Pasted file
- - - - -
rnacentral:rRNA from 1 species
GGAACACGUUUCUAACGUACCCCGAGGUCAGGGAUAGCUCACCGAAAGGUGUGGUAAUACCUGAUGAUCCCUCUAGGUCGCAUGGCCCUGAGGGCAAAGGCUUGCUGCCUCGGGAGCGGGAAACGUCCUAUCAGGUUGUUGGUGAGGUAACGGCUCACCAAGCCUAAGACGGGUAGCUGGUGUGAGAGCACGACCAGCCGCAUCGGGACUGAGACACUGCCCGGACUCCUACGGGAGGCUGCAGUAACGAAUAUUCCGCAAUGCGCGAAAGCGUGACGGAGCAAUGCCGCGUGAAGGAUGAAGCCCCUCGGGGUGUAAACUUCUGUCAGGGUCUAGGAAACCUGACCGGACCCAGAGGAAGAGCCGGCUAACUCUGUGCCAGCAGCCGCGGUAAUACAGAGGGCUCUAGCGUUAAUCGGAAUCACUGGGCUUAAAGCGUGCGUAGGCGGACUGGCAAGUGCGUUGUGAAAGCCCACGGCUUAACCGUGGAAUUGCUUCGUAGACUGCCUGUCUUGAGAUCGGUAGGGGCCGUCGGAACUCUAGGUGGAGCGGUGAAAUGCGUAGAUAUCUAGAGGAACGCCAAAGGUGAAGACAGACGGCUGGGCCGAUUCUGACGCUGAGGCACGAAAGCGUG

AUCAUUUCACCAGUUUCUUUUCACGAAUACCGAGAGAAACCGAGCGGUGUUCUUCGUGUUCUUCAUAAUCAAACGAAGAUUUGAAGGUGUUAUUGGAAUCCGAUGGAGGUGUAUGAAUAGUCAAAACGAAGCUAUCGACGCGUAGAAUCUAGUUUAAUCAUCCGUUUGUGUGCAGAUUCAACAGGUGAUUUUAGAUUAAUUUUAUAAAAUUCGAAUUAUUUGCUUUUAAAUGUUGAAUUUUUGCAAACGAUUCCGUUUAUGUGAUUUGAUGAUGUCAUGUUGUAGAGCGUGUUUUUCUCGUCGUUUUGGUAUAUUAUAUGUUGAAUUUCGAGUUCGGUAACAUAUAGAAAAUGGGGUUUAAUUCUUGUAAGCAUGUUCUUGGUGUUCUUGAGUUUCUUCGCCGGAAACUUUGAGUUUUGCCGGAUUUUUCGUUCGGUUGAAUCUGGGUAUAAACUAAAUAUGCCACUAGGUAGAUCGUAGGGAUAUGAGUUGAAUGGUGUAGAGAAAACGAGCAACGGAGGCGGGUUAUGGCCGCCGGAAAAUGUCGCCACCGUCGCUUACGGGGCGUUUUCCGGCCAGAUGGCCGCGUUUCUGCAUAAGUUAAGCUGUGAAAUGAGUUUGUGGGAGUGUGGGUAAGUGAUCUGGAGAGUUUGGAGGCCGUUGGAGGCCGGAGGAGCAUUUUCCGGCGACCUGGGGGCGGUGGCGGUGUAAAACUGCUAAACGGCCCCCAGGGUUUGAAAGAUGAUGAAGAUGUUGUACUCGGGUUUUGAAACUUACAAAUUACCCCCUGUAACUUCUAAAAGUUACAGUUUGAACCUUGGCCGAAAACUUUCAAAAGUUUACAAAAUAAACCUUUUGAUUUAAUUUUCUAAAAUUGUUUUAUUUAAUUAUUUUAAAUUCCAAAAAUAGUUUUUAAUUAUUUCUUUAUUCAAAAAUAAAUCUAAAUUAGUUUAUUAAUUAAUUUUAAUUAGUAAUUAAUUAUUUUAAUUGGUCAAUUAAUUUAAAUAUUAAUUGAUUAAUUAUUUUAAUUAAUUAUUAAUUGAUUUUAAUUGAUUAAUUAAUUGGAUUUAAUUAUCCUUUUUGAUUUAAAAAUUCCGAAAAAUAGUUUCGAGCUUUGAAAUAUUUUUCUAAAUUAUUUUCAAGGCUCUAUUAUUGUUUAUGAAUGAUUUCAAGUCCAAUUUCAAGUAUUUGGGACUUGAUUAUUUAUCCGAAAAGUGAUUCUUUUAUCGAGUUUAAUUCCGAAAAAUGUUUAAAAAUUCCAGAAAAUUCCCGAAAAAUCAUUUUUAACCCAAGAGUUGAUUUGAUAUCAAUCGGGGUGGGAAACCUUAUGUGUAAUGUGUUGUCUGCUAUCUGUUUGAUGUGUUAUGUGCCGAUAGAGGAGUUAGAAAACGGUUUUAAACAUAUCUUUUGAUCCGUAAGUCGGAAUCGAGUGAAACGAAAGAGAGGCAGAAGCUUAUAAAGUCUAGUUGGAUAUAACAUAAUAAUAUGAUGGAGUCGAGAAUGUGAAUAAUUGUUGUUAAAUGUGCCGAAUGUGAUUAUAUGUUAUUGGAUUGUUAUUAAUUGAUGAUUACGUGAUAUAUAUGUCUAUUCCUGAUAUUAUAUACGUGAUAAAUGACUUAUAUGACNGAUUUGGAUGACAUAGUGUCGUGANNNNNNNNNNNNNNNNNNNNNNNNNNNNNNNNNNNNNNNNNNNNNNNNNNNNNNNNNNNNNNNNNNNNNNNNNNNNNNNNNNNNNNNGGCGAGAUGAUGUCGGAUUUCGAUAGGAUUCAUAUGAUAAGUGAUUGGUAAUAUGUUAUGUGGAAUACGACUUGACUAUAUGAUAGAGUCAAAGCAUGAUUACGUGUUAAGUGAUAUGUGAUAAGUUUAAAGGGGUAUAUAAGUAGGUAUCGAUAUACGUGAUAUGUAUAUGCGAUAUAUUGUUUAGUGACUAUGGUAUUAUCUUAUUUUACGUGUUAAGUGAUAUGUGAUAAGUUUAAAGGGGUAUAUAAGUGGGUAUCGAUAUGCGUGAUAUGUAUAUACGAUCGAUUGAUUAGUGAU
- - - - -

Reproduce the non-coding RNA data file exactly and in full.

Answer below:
rnacentral:rRNA from 1 species
GGAACACGUUUCUAACGUACCCCGAGGUCAGGGAUAGCUCACCGAAAGGUGUGGUAAUACCUGAUGAUCCCUCUAGGUCGCAUGGCCCUGAGGGCAAAGGCUUGCUGCCUCGGGAGCGGGAAACGUCCUAUCAGGUUGUUGGUGAGGUAACGGCUCACCAAGCCUAAGACGGGUAGCUGGUGUGAGAGCACGACCAGCCGCAUCGGGACUGAGACACUGCCCGGACUCCUACGGGAGGCUGCAGUAACGAAUAUUCCGCAAUGCGCGAAAGCGUGACGGAGCAAUGCCGCGUGAAGGAUGAAGCCCCUCGGGGUGUAAACUUCUGUCAGGGUCUAGGAAACCUGACCGGACCCAGAGGAAGAGCCGGCUAACUCUGUGCCAGCAGCCGCGGUAAUACAGAGGGCUCUAGCGUUAAUCGGAAUCACUGGGCUUAAAGCGUGCGUAGGCGGACUGGCAAGUGCGUUGUGAAAGCCCACGGCUUAACCGUGGAAUUGCUUCGUAGACUGCCUGUCUUGAGAUCGGUAGGGGCCGUCGGAACUCUAGGUGGAGCGGUGAAAUGCGUAGAUAUCUAGAGGAACGCCAAAGGUGAAGACAGACGGCUGGGCCGAUUCUGACGCUGAGGCACGAAAGCGUG

AUCAUUUCACCAGUUUCUUUUCACGAAUACCGAGAGAAACCGAGCGGUGUUCUUCGUGUUCUUCAUAAUCAAACGAAGAUUUGAAGGUGUUAUUGGAAUCCGAUGGAGGUGUAUGAAUAGUCAAAACGAAGCUAUCGACGCGUAGAAUCUAGUUUAAUCAUCCGUUUGUGUGCAGAUUCAACAGGUGAUUUUAGAUUAAUUUUAUAAAAUUCGAAUUAUUUGCUUUUAAAUGUUGAAUUUUUGCAAACGAUUCCGUUUAUGUGAUUUGAUGAUGUCAUGUUGUAGAGCGUGUUUUUCUCGUCGUUUUGGUAUAUUAUAUGUUGAAUUUCGAGUUCGGUAACAUAUAGAAAAUGGGGUUUAAUUCUUGUAAGCAUGUUCUUGGUGUUCUUGAGUUUCUUCGCCGGAAACUUUGAGUUUUGCCGGAUUUUUCGUUCGGUUGAAUCUGGGUAUAAACUAAAUAUGCCACUAGGUAGAUCGUAGGGAUAUGAGUUGAAUGGUGUAGAGAAAACGAGCAACGGAGGCGGGUUAUGGCCGCCGGAAAAUGUCGCCACCGUCGCUUACGGGGCGUUUUCCGGCCAGAUGGCCGCGUUUCUGCAUAAGUUAAGCUGUGAAAUGAGUUUGUGGGAGUGUGGGUAAGUGAUCUGGAGAGUUUGGAGGCCGUUGGAGGCCGGAGGAGCAUUUUCCGGCGACCUGGGGGCGGUGGCGGUGUAAAACUGCUAAACGGCCCCCAGGGUUUGAAAGAUGAUGAAGAUGUUGUACUCGGGUUUUGAAACUUACAAAUUACCCCCUGUAACUUCUAAAAGUUACAGUUUGAACCUUGGCCGAAAACUUUCAAAAGUUUACAAAAUAAACCUUUUGAUUUAAUUUUCUAAAAUUGUUUUAUUUAAUUAUUUUAAAUUCCAAAAAUAGUUUUUAAUUAUUUCUUUAUUCAAAAAUAAAUCUAAAUUAGUUUAUUAAUUAAUUUUAAUUAGUAAUUAAUUAUUUUAAUUGGUCAAUUAAUUUAAAUAUUAAUUGAUUAAUUAUUUUAAUUAAUUAUUAAUUGAUUUUAAUUGAUUAAUUAAUUGGAUUUAAUUAUCCUUUUUGAUUUAAAAAUUCCGAAAAAUAGUUUCGAGCUUUGAAAUAUUUUUCUAAAUUAUUUUCAAGGCUCUAUUAUUGUUUAUGAAUGAUUUCAAGUCCAAUUUCAAGUAUUUGGGACUUGAUUAUUUAUCCGAAAAGUGAUUCUUUUAUCGAGUUUAAUUCCGAAAAAUGUUUAAAAAUUCCAGAAAAUUCCCGAAAAAUCAUUUUUAACCCAAGAGUUGAUUUGAUAUCAAUCGGGGUGGGAAACCUUAUGUGUAAUGUGUUGUCUGCUAUCUGUUUGAUGUGUUAUGUGCCGAUAGAGGAGUUAGAAAACGGUUUUAAACAUAUCUUUUGAUCCGUAAGUCGGAAUCGAGUGAAACGAAAGAGAGGCAGAAGCUUAUAAAGUCUAGUUGGAUAUAACAUAAUAAUAUGAUGGAGUCGAGAAUGUGAAUAAUUGUUGUUAAAUGUGCCGAAUGUGAUUAUAUGUUAUUGGAUUGUUAUUAAUUGAUGAUUACGUGAUAUAUAUGUCUAUUCCUGAUAUUAUAUACGUGAUAAAUGACUUAUAUGACNGAUUUGGAUGACAUAGUGUCGUGANNNNNNNNNNNNNNNNNNNNNNNNNNNNNNNNNNNNNNNNNNNNNNNNNNNNNNNNNNNNNNNNNNNNNNNNNNNNNNNNNNNNNNNGGCGAGAUGAUGUCGGAUUUCGAUAGGAUUCAUAUGAUAAGUGAUUGGUAAUAUGUUAUGUGGAAUACGACUUGACUAUAUGAUAGAGUCAAAGCAUGAUUACGUGUUAAGUGAUAUGUGAUAAGUUUAAAGGGGUAUAUAAGUAGGUAUCGAUAUACGUGAUAUGUAUAUGCGAUAUAUUGUUUAGUGACUAUGGUAUUAUCUUAUUUUACGUGUUAAGUGAUAUGUGAUAAGUUUAAAGGGGUAUAUAAGUGGGUAUCGAUAUGCGUGAUAUGUAUAUACGAUCGAUUGAUUAGUGAU